A Brief History
On May 18, 1958, the Lockheed F-104 Starfighter set the world speed record for an airplane by flying 1404.19 mph over a 15 mile course, at the same time becoming the first aircraft ever to hold both the world speed record and the world altitude record at the same time (91,243 feet on May 7, 1958).
An incredible plane in many ways, this little single jet engine powered interceptor went on to a production run of over 2500 planes and served with 15 different countries, until finally retired in 2004 (Italy). Designed as a Mach 2 supersonic interceptor, the F-104 was an interim design to defend the US against Soviet nuclear bombers until the Convair F-106 Delta Dart was in service.
Designed by perhaps the greatest airplane designer of all time, Clarence “Kelly” Johnson (P-38, P-80/T-33, U-2, SR-71 etc), the F-104 was meant to be simple, lightweight (less than half the weight of an F-4 Phantom II), and cheap. At only $1.4 million apiece (unit cost of the latest versions under $1 million), the F-104 cost a tad over a third as much as its F-106 successor. Not intended to be fighter bomber or a dogfighter, the F-104 was built to get to altitude as quickly as possible and fly there as fast as it could to intercept bombers. Climbing quickly and flying fast in a straight line were definitely the Starfighter’s forte, though it could not maneuver well at lower dogfighting speeds. The US Air Force quickly relegated the F-104 to duty with the Air National Guard, and the bargain price for such a high performance jet made the plane an export favorite, later largely replaced in Allied inventories by the F-16 Fighting Falcon, also a single engine jet seen as an economical alternative to the more expensive F-15.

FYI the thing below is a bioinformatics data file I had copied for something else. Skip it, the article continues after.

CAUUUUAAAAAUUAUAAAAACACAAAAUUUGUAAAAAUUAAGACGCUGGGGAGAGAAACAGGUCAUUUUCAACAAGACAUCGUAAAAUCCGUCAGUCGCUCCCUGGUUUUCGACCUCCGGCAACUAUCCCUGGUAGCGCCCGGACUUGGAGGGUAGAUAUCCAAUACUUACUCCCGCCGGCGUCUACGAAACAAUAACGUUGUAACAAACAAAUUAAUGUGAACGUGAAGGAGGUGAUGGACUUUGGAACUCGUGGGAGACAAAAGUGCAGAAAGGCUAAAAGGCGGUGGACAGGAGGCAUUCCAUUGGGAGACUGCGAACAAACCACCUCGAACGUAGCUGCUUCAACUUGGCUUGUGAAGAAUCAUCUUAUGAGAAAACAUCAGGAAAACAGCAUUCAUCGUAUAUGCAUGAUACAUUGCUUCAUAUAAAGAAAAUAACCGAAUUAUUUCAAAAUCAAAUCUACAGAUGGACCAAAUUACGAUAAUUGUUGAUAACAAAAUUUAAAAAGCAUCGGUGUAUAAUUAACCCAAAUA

Capable of Mach 2 flight, the F-104 was the first production jet fighter to regularly fly at that speed, with a top speed of Mach 2 (1528 mph) and an altitude record of 103,389 feet, becoming the first jet powered (air breathing as opposed to rocket powered) plane to reach the 100.000 foot milestone. Armed with an internal 20mm cannon and carrying 2 or 4 Sidewinder (later Sparrow) air-to-air missiles, later versions were fitted with 7 hardpoints to carry external bombs and rockets, up to 4000 pounds, in the fighter-bomber role. In fact, the F-104 was the first fighter to utilize the 20mm Gatling type rotary 6 barrel cannon that fired its 725 rounds in a mere 7 seconds! The Starfighter saw combat in service with foreign countries and with the United States Air Force in Vietnam, flying over 5000 combat sorties in that war. Later versions had enhanced capabilities for all weather use, longer range (including air to air refueling), and carrying more bombs.
Known by a variety of nick-names, including “Missile with a man in it,” “Lawn Dart,” “Flying Coffin,” “Widow maker,” and “Zipper.” With a downward ejecting ejection seat, the F-104 killed many pilots who had to ejct at low altitude, a problem corrected later with the installation of upward ejecting seats.
The F-104 became the basis of the U-2 spy plane, and was adapted for use by NASA as an ultra-high altitude (120,000 feet) astronaut training plane. Jackie Cochran became the first woman pilot to fly at Mach 2 in an F-104, and a civilian owned F-104 holds the world low altitude speed record.
The F-104 Starfighter was a money maker for Lockheed and for a time was the prevalent Allied fighter plane for NATO air forces, cost effective and with a decent service life. This fighter jet deserves a better reputation than it is generally accorded.
Question for students (and subscribers): What do you think, does the F-104 deserveabetter reputation? Please let us know in the comments section below this article.
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For more information, please see…
Doyle, David. F-104 Starfighter In Action. MMD-Squadron Signal, 2016.
The featured image in this article, a photograph of 56th Fighter-Interceptor Squadron Lockheed F-104A-25-LO Starfighter 56-857 Wright-Patterson AFB, Ohio, May 1958, is a work of a U.S. Air Force Airman or employee, taken or made as part of that person’s official duties. As a work of the U.S. federal government, the image or file is in the public domain in the United States.